The last quarter of the biography is hard to read due to Strayhorn’s descent into sadness and resignation. Strayhorn drank and smoked too much. After a hard fight, he died of esophageal cancer in 1967, at the age of 51. Still, I would highly recommend this book to readers who are interested in jazz and the challenges to an artist who happened to be black, gay, and influenced as much by Ravel and Debussy as the blues.

Monday, June 13, 2016

Perry Mason, Stoic

The Case of the Shoplifter’s Shoe – Erle Stanley Gardner

Two curiosities feature in this 1938 outing, one minor, one major. Usually Perry Mason is in every scene of a Mason mystery. However, chapter 15 is an informative primer on how district attorneys prime witnesses. That is, the deputy DA coaches a witness on what to say in court. The witness says "I guess" which the DA stomps on. “You don’t want a fancy lawyer to make you look like a dummy, do you?”

The other curiosity is more interesting. Gardner experiments with characterization to the extent that we get a rare glimpse of Perry Mason’s philosophical approach. He seems to be somewhat of a stoic .

Near the beginning of the mystery, at a nice lunch in a department store, Della Street asks the famous lawyer if seeing people are their worst has made him cynical. Quite the contrary, he replies.

People have their strong points and their weak points. The true philosopher sees them as they are, and is never disappointed, because he doesn’t expect too much. The cynic is one who starts out with a false pattern and becomes disappointed because people don’t conform to that pattern. Most of the little chiseling practices come from trying to cope with our economic conventions. When it comes right down to fundamentals, people are fairly dependable. The neighbor who would cheat you out of a pound of sugar, would risk her life to save you from drowning.

Perry Mason, like a stoic philosopher, uses reason and logic to identify and deal with other people’s strengths and weaknesses. Nobody is completely bad, nobody is completely good. Keep expectations realilstic, and never be disappointed. Mason expects people to make mistakes and commit crimes out of greed, lust, hatred, and love. If people make a mistake that attracts the attention of the authorities, they deserve a good defense. Recall also that in a dozen other novels, Perry is never too put out with clients who’ve lead him up the garden path. 

Mason says that cynics start as idealists who have lofty ideas that people should be wise, brave, fair, and restrained. But idealists became cynics when they bitterly conclude that most people can’t drive the speed limit or control their appetites much less apply prudence and self-restraint consistently in daily life. Cynics don’t let go of the unreasonable expectation that they themselves, other people and the whole frickin' world must do this or shouldn’t do that. And they end up constantly disappointed that people are not acting better. Constantly condemning leads to – well, just look at social media.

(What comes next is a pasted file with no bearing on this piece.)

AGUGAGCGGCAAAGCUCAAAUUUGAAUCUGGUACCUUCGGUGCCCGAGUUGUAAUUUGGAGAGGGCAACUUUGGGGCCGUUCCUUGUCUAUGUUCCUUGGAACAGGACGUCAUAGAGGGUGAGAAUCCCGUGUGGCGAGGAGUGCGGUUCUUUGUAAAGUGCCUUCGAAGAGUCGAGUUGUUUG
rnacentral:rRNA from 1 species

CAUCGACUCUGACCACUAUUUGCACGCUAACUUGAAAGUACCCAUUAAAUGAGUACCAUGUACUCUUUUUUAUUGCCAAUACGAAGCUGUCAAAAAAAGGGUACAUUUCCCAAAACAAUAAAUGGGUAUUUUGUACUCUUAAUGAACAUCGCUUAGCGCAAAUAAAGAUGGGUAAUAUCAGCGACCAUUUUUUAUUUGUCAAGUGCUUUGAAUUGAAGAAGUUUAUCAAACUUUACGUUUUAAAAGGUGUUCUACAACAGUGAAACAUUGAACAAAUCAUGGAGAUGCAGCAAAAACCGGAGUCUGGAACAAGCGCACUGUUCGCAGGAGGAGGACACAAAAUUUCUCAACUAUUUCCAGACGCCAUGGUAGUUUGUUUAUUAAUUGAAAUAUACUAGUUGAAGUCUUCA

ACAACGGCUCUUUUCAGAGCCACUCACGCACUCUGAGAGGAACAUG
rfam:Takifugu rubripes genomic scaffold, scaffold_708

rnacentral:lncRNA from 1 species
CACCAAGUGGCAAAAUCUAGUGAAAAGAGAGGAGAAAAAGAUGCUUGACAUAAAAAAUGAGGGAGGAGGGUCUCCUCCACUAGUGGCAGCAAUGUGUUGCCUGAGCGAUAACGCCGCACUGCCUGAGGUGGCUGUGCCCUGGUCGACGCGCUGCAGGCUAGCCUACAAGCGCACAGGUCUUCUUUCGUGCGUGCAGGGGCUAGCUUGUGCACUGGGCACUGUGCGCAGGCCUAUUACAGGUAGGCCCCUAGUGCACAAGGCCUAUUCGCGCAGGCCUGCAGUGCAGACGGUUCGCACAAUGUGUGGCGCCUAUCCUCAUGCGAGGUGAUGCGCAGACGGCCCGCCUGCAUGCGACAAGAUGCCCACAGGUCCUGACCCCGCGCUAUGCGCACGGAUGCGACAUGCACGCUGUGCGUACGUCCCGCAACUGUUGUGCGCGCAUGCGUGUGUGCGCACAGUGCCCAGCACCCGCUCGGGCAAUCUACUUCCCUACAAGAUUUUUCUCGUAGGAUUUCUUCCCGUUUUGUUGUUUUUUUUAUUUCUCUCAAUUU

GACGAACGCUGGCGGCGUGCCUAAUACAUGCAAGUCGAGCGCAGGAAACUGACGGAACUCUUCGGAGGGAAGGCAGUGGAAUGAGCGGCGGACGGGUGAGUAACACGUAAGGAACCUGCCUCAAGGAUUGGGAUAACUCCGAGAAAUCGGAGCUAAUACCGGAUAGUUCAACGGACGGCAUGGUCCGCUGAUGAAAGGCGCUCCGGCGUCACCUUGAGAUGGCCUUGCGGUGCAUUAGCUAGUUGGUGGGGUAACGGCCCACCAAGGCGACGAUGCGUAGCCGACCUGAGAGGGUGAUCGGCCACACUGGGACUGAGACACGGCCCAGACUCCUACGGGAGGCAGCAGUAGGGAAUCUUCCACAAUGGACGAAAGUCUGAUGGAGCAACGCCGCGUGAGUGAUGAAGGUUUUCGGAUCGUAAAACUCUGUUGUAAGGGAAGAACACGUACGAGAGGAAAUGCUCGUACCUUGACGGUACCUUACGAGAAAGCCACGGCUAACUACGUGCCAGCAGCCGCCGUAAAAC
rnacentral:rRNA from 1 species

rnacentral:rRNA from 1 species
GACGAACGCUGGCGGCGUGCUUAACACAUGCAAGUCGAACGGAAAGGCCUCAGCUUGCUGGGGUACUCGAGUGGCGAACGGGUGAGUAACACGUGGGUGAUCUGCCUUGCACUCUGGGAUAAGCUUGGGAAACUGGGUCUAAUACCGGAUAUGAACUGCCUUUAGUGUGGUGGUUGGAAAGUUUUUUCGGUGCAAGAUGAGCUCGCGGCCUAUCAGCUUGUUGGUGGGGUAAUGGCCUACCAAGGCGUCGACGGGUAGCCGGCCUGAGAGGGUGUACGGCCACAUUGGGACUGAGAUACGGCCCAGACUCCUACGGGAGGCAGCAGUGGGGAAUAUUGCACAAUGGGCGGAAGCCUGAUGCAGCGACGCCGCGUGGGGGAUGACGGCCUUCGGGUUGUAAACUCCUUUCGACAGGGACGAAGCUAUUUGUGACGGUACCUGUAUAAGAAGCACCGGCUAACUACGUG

Mason seems to argue that because of economic and social pressures on people, a philosopher can’t reasonably expect folks to follow the cardinal virtues. For her own tranquility, a philosopher had better expect that people will act in ways that would try the patience of a saint. Expecting this, a philosopher can be prepared for whatever antics a spouse, kid, coworker, customer, or boss will get up to next. The sage had better forbear and remember trouble brings out the best and worst in human nature.

Sarah Breel, Mason’s client, also has an old-school stoicism. This novel is set in 1938 so assuming she is 60, she was born in 1878, probably in a rural area and definitely during the Depression of 1873-79. Also, life expectancy in the US in the late Thirties was such (61.9 for men, 65.3 for women) that people at 60 years old had seen many deaths. Thus, her response to her brother’s murder:

I’m sorry George had to die, but as far as he’s concerned, he’s dead. As far as I’m concerned, I miss him; but when I grieve about missing him, it isn’t being sorry for him, it’s being sorry for me. It’s hard to explain, Mr. Mason. It may seem cold-blooded to you. It really isn’t. I have a great deal of love and a great deal of affection for George. He’s dead. We all have to go sometime.

For Sarah Breel, the fact George was murdered is trumped by the necessary fact of death.

Death happens randomly. Death can rear-end my car when I’m stopped at a light and it can come in the middle of night with a massive stroke. So I might as well live. Reminding myself that someday it’s going to my turn with no choice how and no choice when, I enjoy life. Putting death in perspective, I feel gratitude and awe, here and now, and worry less about what is going to happen.

Friday, June 10, 2016

Mount TBR #21

I read this book for the Mount TBR Reading Challenge hosted over at My Reader’s Block from January 1 – December 31, 2016. The challenge is to read books that you already own.

The Case of the Shoplifter’s Shoe – Erle Stanley Gardner

This 1938 mystery opens with lawyer Perry Mason having lunch with his secretary Della Street in a nice downtown department store. Della comments on the motherly benign appearance of an elderly woman apparently dining out with her niece. Perry observes that the little old lady is a shoplifter. A scene ensues whose upshot is that Perry gets the little old shoplifter off the hook because in fact she did not take the stuff out of the store.